Fault Lines, a one-day symposium organised by the KABK Lectorate Design, explored the interstitial positioning and generative potential of design research as the borders of disciplines shift. It also presented an array of research projects that map and interpret the traces of design’s complicity in climate change.

Symposium details


Friday 14 December 2018 10:00-20:00


Royal Academy of Art, The Hague (KABK)

How does contemporary design research inhabit the fissures between disciplinary realms and negotiate the discontinuities between them?

Are there particular qualities and capacities of design-specific tools and methods and what do they allow for?

How can the insights that arise from experimental research inquiries make a significant contribution to design practice, to education and to knowledge?

This symposium presented research activity by members of the KABK teaching community with a particular emphasis on practice-led research that uses design either as its subject matter or means for investigation.

It featured some of the projects developed through the current KABK Research Group alongside contributions from invited keynote speakers. The symposium identified approaches, methods and tools with broader application for the growing design research culture at KABK and beyond.

See brochure here.

Featuring members of the KABK Research Group 2018:

The Dark Side of Light

Bacon investigates the relationship between the mark-making activity of drawing and the extractive one of mining, and how an understanding of this relationship might contribute to the development of a non-exploitative and imaginative artistic practice capable of responding to the environmental crisis.

reDesigning Affect Space

This public research trajectory involves partners in Berlin, Madrid and Rotterdam to develop a more diversified design agenda for the context of Affect Space—the intermingling of (mobile) technology, affect and public space—which transcends current security and safety-driven initiatives and overly technology-centric "smart city" discourses.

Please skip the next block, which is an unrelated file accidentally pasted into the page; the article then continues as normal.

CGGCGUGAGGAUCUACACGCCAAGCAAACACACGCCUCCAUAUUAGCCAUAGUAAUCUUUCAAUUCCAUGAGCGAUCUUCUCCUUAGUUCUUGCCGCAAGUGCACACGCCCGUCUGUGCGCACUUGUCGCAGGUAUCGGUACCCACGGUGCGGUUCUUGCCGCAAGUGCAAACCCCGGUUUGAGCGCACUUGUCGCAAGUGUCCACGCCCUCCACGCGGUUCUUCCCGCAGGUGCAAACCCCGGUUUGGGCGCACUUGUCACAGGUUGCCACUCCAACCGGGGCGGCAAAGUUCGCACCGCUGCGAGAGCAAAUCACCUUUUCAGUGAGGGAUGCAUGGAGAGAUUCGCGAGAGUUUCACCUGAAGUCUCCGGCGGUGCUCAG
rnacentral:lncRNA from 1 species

Digital Pollution

Using online tools including Google Earth and Google Maps in combination with site immersion and visual analysis, Schrader’s project seeks to understand more fully what happens when the resources needed to create, share and store our daily output of 2,5 quintillion bytes of so-called virtual data encroach on the physical environment.

Making ‘Design’ Weird Again

An exploration into how fiction can be used as a strategy and research method to disrupt design history canons in order to expose issues of eurocentricity, exoticism, whiteness and/or appropriation.

Geographies of Power

In this project, Weber appropriates satellite imagery to trace the military drone as a key vector between militarized space, the social organization of territory and the mediating role of photography.

With additional presentations by KABK staff members:

Lauren Alexander will discuss some of Foundland Collective’s recent video, lecture and object-based projects, which revive archival material as a way to uncover marginalised narratives of Arab-American identity. Foundland Collective uses design research methods to experiment with how historical narratives can be connected with our contemporary social-political context.

Drawing from collaborative processes of designing technology, this talk intends to problematise the workshop. The workshop is a popular framework for cultural production, bringing together groups of people from different fields in order to (co-)produce knowledge. Situated between work and leisure, workshops are usually organised in the context of extracurricular activities such as symposia, incubator programs and innovation labs. Buzzwords surrounding the workshop phenomenon, such as ‘rapid prototyping’ or ‘agility’, promote high-velocity technological development and imply that the workshop is a highly productive format. By looking closely at concrete examples of workshops, this talk examines their capabilities and limitations when creating critical as well as constructive conditions for designing technology.